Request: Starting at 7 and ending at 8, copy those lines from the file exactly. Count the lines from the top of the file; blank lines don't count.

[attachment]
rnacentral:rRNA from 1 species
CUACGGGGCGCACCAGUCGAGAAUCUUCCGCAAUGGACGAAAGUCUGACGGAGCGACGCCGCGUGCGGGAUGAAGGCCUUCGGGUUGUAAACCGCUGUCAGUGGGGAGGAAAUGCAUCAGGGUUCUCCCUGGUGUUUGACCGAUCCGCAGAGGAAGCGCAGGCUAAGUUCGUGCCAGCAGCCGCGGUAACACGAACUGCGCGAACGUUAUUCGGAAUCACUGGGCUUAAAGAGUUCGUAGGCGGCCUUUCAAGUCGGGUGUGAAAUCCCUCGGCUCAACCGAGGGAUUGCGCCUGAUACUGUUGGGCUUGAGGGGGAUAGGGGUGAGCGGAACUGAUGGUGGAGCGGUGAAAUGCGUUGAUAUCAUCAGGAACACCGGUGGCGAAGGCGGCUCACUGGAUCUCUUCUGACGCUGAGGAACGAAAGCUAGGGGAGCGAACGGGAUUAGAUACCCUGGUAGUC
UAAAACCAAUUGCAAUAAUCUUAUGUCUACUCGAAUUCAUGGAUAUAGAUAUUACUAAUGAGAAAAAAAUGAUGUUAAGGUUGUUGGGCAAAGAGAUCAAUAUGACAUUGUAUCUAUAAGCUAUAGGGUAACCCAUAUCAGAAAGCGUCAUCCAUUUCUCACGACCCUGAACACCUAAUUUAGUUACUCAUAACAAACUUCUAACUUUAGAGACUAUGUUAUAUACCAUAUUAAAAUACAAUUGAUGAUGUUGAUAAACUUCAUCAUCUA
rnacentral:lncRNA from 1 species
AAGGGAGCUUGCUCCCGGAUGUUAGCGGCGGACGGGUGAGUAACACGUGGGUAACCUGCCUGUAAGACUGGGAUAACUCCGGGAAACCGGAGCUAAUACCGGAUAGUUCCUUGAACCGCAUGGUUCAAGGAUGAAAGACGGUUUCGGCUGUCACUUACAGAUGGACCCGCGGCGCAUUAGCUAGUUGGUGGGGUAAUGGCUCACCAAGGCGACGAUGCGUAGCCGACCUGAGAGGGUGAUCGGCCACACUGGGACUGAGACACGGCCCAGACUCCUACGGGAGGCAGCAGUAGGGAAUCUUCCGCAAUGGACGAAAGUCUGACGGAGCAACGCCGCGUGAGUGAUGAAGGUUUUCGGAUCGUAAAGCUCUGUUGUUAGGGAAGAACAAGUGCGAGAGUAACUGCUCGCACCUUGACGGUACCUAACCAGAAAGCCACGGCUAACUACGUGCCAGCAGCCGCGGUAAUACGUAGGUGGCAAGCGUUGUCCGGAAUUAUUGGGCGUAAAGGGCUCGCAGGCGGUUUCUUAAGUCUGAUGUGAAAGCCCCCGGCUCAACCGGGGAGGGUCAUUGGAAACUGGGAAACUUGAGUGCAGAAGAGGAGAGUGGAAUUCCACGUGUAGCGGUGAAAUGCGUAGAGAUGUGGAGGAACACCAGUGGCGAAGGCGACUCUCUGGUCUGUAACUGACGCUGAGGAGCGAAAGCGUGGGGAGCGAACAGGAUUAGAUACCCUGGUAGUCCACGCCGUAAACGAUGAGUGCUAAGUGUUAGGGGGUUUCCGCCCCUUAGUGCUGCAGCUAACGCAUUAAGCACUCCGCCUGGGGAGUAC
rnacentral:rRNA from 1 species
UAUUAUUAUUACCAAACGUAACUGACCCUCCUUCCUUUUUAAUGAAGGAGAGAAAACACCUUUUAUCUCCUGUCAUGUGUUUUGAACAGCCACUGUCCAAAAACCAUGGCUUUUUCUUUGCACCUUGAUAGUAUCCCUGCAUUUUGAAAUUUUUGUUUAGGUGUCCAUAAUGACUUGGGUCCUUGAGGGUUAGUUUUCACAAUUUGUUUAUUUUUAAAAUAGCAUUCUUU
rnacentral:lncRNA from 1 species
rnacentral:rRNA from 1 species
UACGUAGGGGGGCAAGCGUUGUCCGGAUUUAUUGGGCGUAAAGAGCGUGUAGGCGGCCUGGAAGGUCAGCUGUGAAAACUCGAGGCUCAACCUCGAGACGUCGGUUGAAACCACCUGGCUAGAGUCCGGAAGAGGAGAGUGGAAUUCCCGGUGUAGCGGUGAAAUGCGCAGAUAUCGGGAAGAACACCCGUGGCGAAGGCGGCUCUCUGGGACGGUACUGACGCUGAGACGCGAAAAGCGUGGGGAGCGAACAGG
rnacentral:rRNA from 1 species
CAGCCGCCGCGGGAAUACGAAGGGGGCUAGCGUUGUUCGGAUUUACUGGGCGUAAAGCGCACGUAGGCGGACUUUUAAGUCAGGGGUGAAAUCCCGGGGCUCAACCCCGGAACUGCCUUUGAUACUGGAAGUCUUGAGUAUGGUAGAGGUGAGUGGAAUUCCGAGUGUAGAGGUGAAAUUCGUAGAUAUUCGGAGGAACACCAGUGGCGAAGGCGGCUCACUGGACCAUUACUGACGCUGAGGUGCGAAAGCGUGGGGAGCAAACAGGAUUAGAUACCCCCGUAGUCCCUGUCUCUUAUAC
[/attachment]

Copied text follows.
UAUUAUUAUUACCAAACGUAACUGACCCUCCUUCCUUUUUAAUGAAGGAGAGAAAACACCUUUUAUCUCCUGUCAUGUGUUUUGAACAGCCACUGUCCAAAAACCAUGGCUUUUUCUUUGCACCUUGAUAGUAUCCCUGCAUUUUGAAAUUUUUGUUUAGGUGUCCAUAAUGACUUGGGUCCUUGAGGGUUAGUUUUCACAAUUUGUUUAUUUUUAAAAUAGCAUUCUUU
rnacentral:lncRNA from 1 species